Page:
Video – Diamondback Release Carbon Bike And Short Film “Skidsville”

by Brian Mullin on September 28, 2017

Pro athlete Mike Hopkins is making a name for himself not only as a ripping mountain biker but also a talented filmmaker. His soulful films Dreamride and Dreamride 2 have won film festival awards and generated hundreds of thousands of views. His new short film, Skidsville, just launched and is fun, nostalgic retrospective on why we love riding bikes. I loved both of the previous films, especially Dreamride 2, which offered a delightful, dreamy and thoughtful tale with incredible filming and cinematography. The new film brings back childhood memories of sliding and jumping on my 5-speed Schwinn Stingray banana bike.

The film drop coincides with the launch of two new mountain bikes from Diamondback, the Release 4c, and 5c carbon bikes. Both bikes utilize their Level Link suspension platform and can be built as a standard kit or customized per the buyers desire.

Press Release – Diamondback Introduces the Release Carbon 

KENT, Wash. (September 28, 2017) — Diamondback’s best-selling trail bike, the Release, now comes in carbon. Built on the brand’s proprietary Level Link suspension platform, the new carbon Release will be available in standard build kits, but can also be customized through Diamondback’s online Custom Studio.

“The success of our Level Link platform, which we launched just last year, has been incredible and we’re excited to expand our offering to include a high-performance carbon frame,” said Steve Westover, Diamondback vice president of marketing. “The new Release 4c and 5c feature top of the line components, and with prices starting at $3000 and $4400 they are some the most competitively priced bikes on the market.”

The Release Carbon features 66-degree head tube angle and short chain stays, a geometry ideally balanced for climbing efficiency and ripping descents. The Level Link suspension features a short-link, four-bar design that separates the drivetrain forces from the suspension, allowing it to soak up hits without feeding back into pedaling power. At the neutral sag point, the upper link is perpendicular to the lower one, which is parallel to the chain, further isolating pedaling from the suspension.

The Release 5c features a Fox 36 Float 150mm fork, a 130 mm Fox DPX2 rear shock, a Sram X01 Eagle drivetrain and 27.5-inch Raceface Arc30 rims. It also comes with SRAM Guide RS brakes, Maxxis Minon 2.5-inch front and 2.4-inch rear tires and a KS LEV Integra dropper.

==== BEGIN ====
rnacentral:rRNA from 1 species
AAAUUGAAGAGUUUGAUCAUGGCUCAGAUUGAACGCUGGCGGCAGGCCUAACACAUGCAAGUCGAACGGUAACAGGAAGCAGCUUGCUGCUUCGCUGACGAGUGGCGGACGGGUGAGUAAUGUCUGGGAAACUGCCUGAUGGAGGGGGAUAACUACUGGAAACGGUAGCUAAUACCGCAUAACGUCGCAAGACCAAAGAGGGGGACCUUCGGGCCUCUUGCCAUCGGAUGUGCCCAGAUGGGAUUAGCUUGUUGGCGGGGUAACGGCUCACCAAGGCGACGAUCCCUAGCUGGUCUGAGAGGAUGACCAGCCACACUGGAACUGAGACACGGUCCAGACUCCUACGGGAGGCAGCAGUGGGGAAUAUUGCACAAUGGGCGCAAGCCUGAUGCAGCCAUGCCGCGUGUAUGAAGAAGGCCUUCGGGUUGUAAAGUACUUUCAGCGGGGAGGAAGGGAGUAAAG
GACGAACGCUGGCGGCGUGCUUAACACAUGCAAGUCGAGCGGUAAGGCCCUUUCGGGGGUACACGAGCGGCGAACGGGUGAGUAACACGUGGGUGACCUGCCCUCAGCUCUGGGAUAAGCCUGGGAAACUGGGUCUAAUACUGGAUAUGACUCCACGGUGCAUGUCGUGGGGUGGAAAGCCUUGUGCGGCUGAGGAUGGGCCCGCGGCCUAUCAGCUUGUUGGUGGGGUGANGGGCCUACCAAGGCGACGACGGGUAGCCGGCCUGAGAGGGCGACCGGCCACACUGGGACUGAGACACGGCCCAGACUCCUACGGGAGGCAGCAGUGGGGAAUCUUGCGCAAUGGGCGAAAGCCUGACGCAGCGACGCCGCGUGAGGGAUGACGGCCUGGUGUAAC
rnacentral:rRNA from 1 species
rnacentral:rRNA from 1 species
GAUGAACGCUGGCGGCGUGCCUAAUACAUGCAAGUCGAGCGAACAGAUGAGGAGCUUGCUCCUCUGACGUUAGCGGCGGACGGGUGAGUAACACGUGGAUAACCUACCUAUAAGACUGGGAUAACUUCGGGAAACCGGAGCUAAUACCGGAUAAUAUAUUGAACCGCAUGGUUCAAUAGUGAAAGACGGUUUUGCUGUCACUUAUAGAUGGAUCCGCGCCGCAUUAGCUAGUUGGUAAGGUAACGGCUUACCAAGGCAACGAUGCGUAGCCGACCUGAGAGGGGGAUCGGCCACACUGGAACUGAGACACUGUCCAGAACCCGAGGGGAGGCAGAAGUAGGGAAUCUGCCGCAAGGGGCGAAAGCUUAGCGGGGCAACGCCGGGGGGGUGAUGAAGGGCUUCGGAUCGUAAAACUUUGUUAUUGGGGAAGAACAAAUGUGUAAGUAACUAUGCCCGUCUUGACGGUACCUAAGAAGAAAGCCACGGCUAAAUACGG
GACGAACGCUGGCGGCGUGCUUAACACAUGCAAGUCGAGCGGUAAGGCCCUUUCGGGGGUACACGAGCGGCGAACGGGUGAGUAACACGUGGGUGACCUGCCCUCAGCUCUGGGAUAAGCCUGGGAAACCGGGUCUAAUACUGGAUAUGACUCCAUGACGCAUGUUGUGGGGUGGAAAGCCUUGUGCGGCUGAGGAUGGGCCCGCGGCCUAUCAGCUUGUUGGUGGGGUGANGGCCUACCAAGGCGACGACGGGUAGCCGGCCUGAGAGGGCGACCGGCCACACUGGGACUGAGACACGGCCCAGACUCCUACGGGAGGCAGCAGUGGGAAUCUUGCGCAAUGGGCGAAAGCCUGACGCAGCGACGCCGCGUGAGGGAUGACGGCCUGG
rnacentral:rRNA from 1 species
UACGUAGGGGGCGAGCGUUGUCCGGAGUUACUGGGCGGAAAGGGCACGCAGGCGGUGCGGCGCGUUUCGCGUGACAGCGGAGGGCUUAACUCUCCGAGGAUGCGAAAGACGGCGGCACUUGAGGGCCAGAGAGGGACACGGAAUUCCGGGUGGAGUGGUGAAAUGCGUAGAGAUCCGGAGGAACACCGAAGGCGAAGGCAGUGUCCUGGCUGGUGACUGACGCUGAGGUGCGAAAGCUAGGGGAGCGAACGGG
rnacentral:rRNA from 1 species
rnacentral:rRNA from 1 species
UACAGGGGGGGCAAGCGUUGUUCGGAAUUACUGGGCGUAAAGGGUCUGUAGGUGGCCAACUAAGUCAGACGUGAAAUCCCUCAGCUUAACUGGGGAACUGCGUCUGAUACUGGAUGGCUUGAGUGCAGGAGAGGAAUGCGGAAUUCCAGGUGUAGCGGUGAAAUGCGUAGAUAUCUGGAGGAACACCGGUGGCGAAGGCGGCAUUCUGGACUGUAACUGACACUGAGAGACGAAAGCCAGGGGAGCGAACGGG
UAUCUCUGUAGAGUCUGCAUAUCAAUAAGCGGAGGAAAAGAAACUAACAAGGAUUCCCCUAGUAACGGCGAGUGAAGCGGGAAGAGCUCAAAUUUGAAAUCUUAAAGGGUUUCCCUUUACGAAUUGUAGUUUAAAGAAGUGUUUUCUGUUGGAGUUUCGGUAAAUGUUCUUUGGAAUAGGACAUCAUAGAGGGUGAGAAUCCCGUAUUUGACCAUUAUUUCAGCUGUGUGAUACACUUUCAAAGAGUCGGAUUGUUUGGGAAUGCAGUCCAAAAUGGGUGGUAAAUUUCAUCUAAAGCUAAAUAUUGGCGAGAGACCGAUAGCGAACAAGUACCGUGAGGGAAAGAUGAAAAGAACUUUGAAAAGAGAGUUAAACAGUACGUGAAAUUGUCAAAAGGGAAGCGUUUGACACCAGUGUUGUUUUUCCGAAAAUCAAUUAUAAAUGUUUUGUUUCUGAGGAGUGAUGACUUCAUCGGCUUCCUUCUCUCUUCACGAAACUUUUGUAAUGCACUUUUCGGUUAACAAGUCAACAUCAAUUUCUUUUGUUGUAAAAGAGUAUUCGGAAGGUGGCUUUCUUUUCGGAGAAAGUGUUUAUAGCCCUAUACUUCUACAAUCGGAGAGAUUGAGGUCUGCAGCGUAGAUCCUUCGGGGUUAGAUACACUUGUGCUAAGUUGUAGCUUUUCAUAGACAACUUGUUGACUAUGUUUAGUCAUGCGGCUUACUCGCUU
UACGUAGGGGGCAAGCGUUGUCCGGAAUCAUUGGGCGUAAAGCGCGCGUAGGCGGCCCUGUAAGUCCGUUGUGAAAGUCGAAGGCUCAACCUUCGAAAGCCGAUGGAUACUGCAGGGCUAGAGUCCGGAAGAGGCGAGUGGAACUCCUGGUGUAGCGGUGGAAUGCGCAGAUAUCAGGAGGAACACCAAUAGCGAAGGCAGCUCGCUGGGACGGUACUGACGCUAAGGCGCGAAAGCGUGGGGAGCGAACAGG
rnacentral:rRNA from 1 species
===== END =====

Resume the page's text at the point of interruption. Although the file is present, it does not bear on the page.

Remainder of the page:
The 4c includes a Fox 34 fork, a Fox Float EV rear shock, and a Shimano SLX 11 speed drivetrain. The 5c is available for $4400 and 4c for $3000.

In addition to the stock builds, the Release Carbon will be available with customizable build options through Diamonback’s online Custom Studio. Custom bikes can be shipped to over 100 countries worldwide.

After ordering a Diamondback bicycle online, the ReadyRide packaging system delivers it to consumers’ doors 95 percent assembled. Included tools and a comprehensive online support system with chat and helpful how-to videos, means that anyone can build their new bike in four steps that take a matter of minutes. Consumers can also choose to have their bike assembled at their local bike shop or built and delivered by Beeline Mobile Delivery Service where available for no extra charge.

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About Diamondback Bicycles:

Born in Camarillo, California, in 1978 and today based in Kent, Washington, Diamondback designs and builds performance bicycles for every rider at every level. With roots in the BMX world, and ongoing innovations in road, triathlon, and full-suspension mountain technologies, Diamondback continues to build a legacy of quality, service, and community. For more about Diamondback Bicycles, visit www.diamondback.com.

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